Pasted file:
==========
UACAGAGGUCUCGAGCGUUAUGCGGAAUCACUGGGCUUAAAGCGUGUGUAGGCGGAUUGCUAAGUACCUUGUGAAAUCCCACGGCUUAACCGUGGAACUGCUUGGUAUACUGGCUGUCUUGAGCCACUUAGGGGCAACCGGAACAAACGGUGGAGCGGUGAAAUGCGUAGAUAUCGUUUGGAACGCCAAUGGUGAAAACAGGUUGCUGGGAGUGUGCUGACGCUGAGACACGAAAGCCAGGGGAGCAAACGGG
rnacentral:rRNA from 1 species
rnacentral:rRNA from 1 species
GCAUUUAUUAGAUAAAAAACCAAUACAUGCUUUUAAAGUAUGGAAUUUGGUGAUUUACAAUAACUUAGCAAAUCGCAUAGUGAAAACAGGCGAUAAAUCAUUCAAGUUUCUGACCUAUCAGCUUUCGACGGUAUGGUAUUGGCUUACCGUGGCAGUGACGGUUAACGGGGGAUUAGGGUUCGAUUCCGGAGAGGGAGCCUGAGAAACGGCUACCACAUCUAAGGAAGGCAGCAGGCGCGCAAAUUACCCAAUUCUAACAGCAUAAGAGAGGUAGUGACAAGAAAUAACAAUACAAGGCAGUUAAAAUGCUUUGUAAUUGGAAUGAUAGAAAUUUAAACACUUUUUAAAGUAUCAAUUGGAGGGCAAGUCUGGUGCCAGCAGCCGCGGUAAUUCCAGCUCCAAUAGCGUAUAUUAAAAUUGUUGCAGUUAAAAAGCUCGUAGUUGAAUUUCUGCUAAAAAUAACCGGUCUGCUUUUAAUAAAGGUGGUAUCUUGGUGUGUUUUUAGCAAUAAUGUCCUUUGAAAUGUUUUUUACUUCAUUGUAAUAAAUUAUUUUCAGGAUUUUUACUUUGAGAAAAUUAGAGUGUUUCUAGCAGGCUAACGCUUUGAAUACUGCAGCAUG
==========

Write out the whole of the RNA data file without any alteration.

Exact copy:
UACAGAGGUCUCGAGCGUUAUGCGGAAUCACUGGGCUUAAAGCGUGUGUAGGCGGAUUGCUAAGUACCUUGUGAAAUCCCACGGCUUAACCGUGGAACUGCUUGGUAUACUGGCUGUCUUGAGCCACUUAGGGGCAACCGGAACAAACGGUGGAGCGGUGAAAUGCGUAGAUAUCGUUUGGAACGCCAAUGGUGAAAACAGGUUGCUGGGAGUGUGCUGACGCUGAGACACGAAAGCCAGGGGAGCAAACGGG
rnacentral:rRNA from 1 species
rnacentral:rRNA from 1 species
GCAUUUAUUAGAUAAAAAACCAAUACAUGCUUUUAAAGUAUGGAAUUUGGUGAUUUACAAUAACUUAGCAAAUCGCAUAGUGAAAACAGGCGAUAAAUCAUUCAAGUUUCUGACCUAUCAGCUUUCGACGGUAUGGUAUUGGCUUACCGUGGCAGUGACGGUUAACGGGGGAUUAGGGUUCGAUUCCGGAGAGGGAGCCUGAGAAACGGCUACCACAUCUAAGGAAGGCAGCAGGCGCGCAAAUUACCCAAUUCUAACAGCAUAAGAGAGGUAGUGACAAGAAAUAACAAUACAAGGCAGUUAAAAUGCUUUGUAAUUGGAAUGAUAGAAAUUUAAACACUUUUUAAAGUAUCAAUUGGAGGGCAAGUCUGGUGCCAGCAGCCGCGGUAAUUCCAGCUCCAAUAGCGUAUAUUAAAAUUGUUGCAGUUAAAAAGCUCGUAGUUGAAUUUCUGCUAAAAAUAACCGGUCUGCUUUUAAUAAAGGUGGUAUCUUGGUGUGUUUUUAGCAAUAAUGUCCUUUGAAAUGUUUUUUACUUCAUUGUAAUAAAUUAUUUUCAGGAUUUUUACUUUGAGAAAAUUAGAGUGUUUCUAGCAGGCUAACGCUUUGAAUACUGCAGCAUG